Wednesday, January 14, 2009
See this statement from the Board.
Update 1: I learned last night that the "clarification" that the Washington Post issued regarding their charter story was used by the DCPCSB to defend Tom Nida against the conflict of interest charge. I am extremely proud of this fact, especially in light of the two weeks of extremely hard work it took me to get them to issue it.
Update 2: The Washington Post runs a story today about Attorney General Nickles' decision to drop his investigation. You can see how obviously painful is was for David Fallis and James Grimaldi to write it:
To conduct his inquiry, Nickles sent Nida 18 questions about issues documented in The Post's articles. Nida and the board staff, Nickles said, provided detailed written responses, and he found no need to conduct interviews. "The individuals who had either a direct or indirect conflict of interest appeared to have recused themselves" when it was appropriate to do so, Nickles said.The findings by the Attorney General is a major victory for D.C.'s charter school movement, for Tom Nida, and for right over wrong.
Asked about some specific cases, Nickles characterized them as indirect or beyond the scope of the city's laws. "I don't think the conflict-of-interest rules extend to the situations that you talk about," he said.
He added that he "saw no evidence" that Nida benefited from his actions on the board.
The District's law states, "No public official shall use his or her official position or office to obtain financial gain for himself or herself, any member of his or her household, or any business with which he or she or a member of his or her household is associated."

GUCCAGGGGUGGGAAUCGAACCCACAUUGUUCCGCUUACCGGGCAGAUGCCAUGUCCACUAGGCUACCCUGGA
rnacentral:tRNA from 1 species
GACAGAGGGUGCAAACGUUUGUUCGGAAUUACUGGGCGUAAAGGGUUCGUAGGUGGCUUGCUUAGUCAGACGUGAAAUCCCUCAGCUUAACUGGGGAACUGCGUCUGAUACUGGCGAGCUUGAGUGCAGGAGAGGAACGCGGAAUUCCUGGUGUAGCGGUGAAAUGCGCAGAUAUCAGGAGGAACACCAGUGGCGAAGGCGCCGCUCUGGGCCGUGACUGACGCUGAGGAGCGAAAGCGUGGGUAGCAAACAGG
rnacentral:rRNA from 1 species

Nida told The Post in the November interview, which was recorded, that United Bank pays him an annual bonus based partly on any loan business he generates, including from charter school projects. In his written responses to Nickles, Nida said his "bonus determination specifically excludes any business from DC public charter schools."
Tuesday, January 13, 2009
Finally, I would ask you to not let Congress take away Opportunity Scholarships for the District of Columbia. They are lifelines for at-risk children, enabling their parents to choose public, private or religious schools that meet their needs. Fortunately, those children have a true champion in Chancellor Michelle Rhee, who is doing a great job turning around D.C. schools.Of course, the President-elect has said he is against them. I wonder if he would say that to the families he might meet over at Sidwell Friends whose kids are there only because of the work of those of us in the school choice movement.